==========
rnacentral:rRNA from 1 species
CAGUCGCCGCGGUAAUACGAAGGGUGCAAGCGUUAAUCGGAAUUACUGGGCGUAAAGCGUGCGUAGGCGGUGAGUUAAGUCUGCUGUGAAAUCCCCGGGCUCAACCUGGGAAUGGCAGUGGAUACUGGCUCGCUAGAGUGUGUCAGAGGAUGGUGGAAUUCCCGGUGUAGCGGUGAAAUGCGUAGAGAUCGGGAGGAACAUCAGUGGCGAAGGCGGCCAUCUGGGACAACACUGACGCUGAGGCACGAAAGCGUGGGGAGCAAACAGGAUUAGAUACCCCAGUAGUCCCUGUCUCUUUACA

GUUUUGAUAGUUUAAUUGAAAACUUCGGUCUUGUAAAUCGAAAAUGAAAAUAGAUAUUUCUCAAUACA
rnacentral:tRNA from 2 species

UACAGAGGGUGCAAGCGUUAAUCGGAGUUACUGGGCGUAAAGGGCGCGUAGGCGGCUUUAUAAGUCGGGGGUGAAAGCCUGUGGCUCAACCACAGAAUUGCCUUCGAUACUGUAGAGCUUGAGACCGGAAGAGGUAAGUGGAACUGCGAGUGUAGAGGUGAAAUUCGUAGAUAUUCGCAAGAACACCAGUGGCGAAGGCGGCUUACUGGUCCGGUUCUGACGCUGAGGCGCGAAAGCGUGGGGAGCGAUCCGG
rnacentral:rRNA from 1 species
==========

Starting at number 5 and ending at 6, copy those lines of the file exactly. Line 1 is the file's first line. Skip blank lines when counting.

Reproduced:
UACAGAGGGUGCAAGCGUUAAUCGGAGUUACUGGGCGUAAAGGGCGCGUAGGCGGCUUUAUAAGUCGGGGGUGAAAGCCUGUGGCUCAACCACAGAAUUGCCUUCGAUACUGUAGAGCUUGAGACCGGAAGAGGUAAGUGGAACUGCGAGUGUAGAGGUGAAAUUCGUAGAUAUUCGCAAGAACACCAGUGGCGAAGGCGGCUUACUGGUCCGGUUCUGACGCUGAGGCGCGAAAGCGUGGGGAGCGAUCCGG
rnacentral:rRNA from 1 species